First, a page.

A new study has found Muslims born in Denmark feel more fury at Western foreign intervention, and are more inclined to help Muslims by violent means, than foreign-born people who migrated from conflict zones.

An international team of researchers, led by Milan Obaidi of Sweden’s Uppsala University, conducted two surveys in order to identify signs of victimisation-by-proxy  — whereby, in its most extreme form, Muslims born in Europe who have never lived outside the continent become so angry at the treatment of Muslims abroad that they consider carrying out acts of violence.

In order to compare the attitudes of Muslims born in Denmark with foreign-born migrants who had lived in a conflict zone during a Western military operation, researchers surveyed the two groups  — looking at measures of Muslim identification, group-based anger and perceptions of Western military intervention in Muslim-majority countries.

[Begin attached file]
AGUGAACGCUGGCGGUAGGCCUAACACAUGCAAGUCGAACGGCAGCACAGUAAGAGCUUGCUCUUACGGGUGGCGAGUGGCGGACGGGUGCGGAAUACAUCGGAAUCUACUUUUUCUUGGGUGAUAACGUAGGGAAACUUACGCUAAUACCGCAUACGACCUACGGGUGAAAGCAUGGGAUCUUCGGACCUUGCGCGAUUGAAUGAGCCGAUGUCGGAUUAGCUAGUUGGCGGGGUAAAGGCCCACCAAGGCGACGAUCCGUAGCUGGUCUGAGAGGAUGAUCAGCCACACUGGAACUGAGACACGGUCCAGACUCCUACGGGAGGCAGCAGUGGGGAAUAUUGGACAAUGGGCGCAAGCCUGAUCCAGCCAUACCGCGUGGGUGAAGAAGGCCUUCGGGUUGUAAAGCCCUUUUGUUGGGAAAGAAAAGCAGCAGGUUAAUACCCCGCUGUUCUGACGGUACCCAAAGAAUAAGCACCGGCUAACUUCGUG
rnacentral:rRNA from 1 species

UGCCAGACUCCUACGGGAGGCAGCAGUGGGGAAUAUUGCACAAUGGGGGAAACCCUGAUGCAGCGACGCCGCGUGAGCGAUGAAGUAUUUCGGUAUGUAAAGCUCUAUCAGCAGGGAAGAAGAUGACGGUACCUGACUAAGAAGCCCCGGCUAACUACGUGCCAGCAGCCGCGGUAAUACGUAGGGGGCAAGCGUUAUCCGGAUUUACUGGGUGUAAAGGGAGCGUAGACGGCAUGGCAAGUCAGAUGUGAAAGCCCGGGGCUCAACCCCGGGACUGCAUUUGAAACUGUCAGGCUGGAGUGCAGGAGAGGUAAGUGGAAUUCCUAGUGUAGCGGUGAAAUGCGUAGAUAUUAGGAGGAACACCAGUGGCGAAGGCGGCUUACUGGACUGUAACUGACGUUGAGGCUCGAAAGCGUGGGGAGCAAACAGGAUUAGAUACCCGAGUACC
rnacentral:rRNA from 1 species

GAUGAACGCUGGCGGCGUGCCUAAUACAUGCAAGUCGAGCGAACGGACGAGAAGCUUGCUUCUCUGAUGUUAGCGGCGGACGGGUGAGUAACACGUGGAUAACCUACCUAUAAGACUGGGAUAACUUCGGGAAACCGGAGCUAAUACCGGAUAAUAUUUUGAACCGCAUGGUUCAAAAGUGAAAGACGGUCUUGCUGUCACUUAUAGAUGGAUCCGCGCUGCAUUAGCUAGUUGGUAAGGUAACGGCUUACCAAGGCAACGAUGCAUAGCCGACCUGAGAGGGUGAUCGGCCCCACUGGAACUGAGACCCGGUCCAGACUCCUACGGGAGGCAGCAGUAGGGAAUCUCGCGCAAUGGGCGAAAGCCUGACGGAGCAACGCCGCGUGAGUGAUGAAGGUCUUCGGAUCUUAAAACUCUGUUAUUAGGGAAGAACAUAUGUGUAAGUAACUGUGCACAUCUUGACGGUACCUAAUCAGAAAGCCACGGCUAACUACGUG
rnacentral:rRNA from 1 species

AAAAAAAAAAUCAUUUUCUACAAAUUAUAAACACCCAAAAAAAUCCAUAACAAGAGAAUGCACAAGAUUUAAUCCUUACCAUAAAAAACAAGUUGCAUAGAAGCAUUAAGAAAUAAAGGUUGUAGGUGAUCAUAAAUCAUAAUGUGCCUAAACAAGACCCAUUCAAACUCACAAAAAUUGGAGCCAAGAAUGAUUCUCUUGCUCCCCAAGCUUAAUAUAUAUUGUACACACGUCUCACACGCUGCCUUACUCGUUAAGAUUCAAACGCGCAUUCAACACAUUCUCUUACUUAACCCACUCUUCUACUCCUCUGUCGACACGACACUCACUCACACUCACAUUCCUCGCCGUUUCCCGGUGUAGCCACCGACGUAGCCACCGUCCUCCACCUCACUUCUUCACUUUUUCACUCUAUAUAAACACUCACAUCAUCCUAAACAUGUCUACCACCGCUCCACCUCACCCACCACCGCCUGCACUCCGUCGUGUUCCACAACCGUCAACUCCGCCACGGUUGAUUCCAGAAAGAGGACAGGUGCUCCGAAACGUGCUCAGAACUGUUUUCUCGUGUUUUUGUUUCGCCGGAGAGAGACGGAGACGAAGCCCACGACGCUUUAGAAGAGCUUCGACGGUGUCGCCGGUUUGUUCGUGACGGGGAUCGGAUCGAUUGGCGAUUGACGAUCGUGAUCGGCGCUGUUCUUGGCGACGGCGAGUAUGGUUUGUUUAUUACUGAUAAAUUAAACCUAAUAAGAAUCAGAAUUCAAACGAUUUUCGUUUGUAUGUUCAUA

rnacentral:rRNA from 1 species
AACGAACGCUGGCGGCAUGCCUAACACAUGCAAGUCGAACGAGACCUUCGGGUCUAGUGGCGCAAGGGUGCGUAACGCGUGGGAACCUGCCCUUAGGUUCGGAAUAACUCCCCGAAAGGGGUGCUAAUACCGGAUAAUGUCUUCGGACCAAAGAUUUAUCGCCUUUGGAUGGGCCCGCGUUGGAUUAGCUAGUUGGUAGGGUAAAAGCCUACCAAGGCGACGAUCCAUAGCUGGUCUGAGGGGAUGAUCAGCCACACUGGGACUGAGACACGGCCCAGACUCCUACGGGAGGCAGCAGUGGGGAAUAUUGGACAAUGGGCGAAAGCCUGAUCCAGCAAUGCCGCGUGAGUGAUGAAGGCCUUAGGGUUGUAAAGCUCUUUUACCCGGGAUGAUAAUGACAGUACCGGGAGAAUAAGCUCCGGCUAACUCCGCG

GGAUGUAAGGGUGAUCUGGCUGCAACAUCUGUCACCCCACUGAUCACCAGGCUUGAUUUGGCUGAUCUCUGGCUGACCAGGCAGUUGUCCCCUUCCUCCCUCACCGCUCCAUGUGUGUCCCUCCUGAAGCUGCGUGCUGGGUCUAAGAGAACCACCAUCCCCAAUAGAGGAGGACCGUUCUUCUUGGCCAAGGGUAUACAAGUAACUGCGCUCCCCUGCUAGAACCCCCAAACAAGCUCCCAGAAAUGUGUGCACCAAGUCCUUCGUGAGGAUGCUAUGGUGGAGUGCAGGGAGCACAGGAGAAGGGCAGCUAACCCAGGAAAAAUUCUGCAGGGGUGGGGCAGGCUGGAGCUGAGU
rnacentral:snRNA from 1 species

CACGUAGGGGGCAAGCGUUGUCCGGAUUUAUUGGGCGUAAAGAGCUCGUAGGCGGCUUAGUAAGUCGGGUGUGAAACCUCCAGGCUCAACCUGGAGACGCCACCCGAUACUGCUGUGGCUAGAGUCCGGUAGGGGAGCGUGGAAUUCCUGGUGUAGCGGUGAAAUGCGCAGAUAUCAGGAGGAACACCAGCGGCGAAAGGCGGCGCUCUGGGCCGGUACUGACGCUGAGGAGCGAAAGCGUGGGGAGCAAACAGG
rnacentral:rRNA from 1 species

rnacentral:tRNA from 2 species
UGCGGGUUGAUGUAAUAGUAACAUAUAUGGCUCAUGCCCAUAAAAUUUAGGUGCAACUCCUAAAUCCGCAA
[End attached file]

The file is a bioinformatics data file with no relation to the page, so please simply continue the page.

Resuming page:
Also examined were the cohorts’ tendencies to violence, and their nonviolent intentions to defend or support Islam and other Muslims.

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